Launched in 1996, Dish Network is a digital satellite provider by Echostar, a major supplier of satellite receiving equipment.
Dish Network broadcasts using the Digital Video broadcasting standard (DVB-S), the same as many providers in Europe use (Sky), however there are differences that prevent regular receivers from receiving Dish programming. By using an established standard, Dish network got to benefit from existing chipsets and solutions that could be integrated into their system (like OpenTV and Nagravision, discussed later). Alternative systems they could have used was the DigiCipher system (which was owned by General Instruments at the time, a competitor) or the Thomson/DSS, who had invested into. As Echostar were planning to produce and sell DVB receivers for the European market, it made sense to base their Dish Network receivers on DVB in order to benefit since many components and designs could be reused.
For the launch of HDTV, a new modulation standard was introduced, DVB-S TurboFEC which is a modification of the existing DVB-S standard by Broadcom which supports 8PSK modulation. This combined with MPEG4 AVC allows more channels to be carried on one transponder. The use of 8PSK increases the bandwidth available on a single transponder, at the expense of the signal being more prone to signal loss or rain fade. This can be compensated by increasing the size of the dish, the error correction used on the signal or a more powerful satellite. Meanwhile the use of MPeEG4 allows more detail to be carried in less bandwidth compared to MPEG2. All these enhancements require new receivers.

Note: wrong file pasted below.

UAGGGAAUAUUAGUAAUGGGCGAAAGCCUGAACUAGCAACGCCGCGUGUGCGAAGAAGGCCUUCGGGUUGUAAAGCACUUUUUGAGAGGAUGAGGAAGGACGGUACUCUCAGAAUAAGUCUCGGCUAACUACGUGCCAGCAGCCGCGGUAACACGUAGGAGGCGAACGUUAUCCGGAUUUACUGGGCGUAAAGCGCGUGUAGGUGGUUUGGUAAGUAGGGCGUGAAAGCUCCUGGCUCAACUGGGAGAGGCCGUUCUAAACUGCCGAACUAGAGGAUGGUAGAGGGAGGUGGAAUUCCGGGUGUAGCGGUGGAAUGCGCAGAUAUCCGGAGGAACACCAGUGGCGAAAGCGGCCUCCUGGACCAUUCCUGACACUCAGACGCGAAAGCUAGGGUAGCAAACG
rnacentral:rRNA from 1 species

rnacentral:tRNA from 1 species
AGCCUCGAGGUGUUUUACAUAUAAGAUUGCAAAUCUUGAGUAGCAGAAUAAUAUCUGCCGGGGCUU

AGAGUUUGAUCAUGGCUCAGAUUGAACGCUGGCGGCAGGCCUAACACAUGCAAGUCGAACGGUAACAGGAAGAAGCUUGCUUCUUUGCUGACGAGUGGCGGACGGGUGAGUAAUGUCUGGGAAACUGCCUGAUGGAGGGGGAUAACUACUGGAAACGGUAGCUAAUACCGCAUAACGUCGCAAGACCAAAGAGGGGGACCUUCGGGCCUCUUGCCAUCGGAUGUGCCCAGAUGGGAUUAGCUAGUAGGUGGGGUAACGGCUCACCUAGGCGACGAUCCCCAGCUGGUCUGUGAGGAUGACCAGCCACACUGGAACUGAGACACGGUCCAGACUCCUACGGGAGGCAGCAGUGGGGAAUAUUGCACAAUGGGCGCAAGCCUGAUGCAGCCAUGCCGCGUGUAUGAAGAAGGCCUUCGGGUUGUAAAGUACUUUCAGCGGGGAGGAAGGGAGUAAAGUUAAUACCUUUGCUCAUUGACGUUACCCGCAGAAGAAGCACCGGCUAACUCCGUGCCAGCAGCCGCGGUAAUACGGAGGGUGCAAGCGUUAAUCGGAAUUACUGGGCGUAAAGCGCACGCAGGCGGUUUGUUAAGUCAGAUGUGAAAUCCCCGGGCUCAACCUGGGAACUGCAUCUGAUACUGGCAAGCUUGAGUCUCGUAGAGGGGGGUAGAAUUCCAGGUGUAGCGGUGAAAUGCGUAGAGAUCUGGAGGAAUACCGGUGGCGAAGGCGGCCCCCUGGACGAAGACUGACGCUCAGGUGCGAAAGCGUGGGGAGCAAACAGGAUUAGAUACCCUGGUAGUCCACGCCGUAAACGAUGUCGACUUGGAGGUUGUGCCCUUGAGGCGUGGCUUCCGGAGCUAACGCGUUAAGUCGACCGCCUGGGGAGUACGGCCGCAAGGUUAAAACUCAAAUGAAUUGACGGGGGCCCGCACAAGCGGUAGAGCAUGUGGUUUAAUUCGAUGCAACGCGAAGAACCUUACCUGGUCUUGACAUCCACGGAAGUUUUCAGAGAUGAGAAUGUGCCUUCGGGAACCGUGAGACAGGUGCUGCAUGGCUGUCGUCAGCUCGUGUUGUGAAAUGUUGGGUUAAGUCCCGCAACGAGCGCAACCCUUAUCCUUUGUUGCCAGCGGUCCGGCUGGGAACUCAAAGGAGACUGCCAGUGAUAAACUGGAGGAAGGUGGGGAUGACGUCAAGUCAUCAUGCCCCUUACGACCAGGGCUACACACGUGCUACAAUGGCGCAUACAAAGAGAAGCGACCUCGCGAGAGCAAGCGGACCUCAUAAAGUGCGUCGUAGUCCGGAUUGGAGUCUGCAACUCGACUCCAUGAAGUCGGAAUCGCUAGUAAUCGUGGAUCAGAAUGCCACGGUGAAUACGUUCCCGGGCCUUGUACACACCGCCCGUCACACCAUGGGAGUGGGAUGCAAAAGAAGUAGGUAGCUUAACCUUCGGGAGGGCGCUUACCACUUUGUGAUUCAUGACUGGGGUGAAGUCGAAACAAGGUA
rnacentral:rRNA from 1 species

Dish uses Nagravision (like Virgin Media) which is a smartcard-based system to encrypting their channels. Like Direct this system has been compromised in the past. New smart cards were released in 2003 which were based on Nagravision 2 (Aladdin) which was also compromised shortly.
Dish would later switch to Nagravision 3, which has remained secure since its introduction in 2008.
Dish uses OpenTV middleware to deliver their interactive content, like Sky in the United Kingdom. This was used to provide games and information services that were delivered on dedicated channels, and also offered enhanced TV services that ran on existing channels to complement the program broadcast. These were launched in 2001 and required a supported receiver, of which some needed a software update before the service could be used. As interactive was not incorporated into the initial receiver design, not all customers were able to access the service.
The main interactive network was carried on channel 100 and was supported on the 3900, 4900, 301, 508, 510, 322, 522, 625, 721 and 811 model units. Channel 101 was to show DISH account information, billing and network status. Games were offered from Kidswise, Playjam and Playin’TV. Unlike the games offered on Sky, Dish network offered the games as part of their own subscription package and a separate monthly charge was required to access the games, whilst Sky operated on a pay per play basis.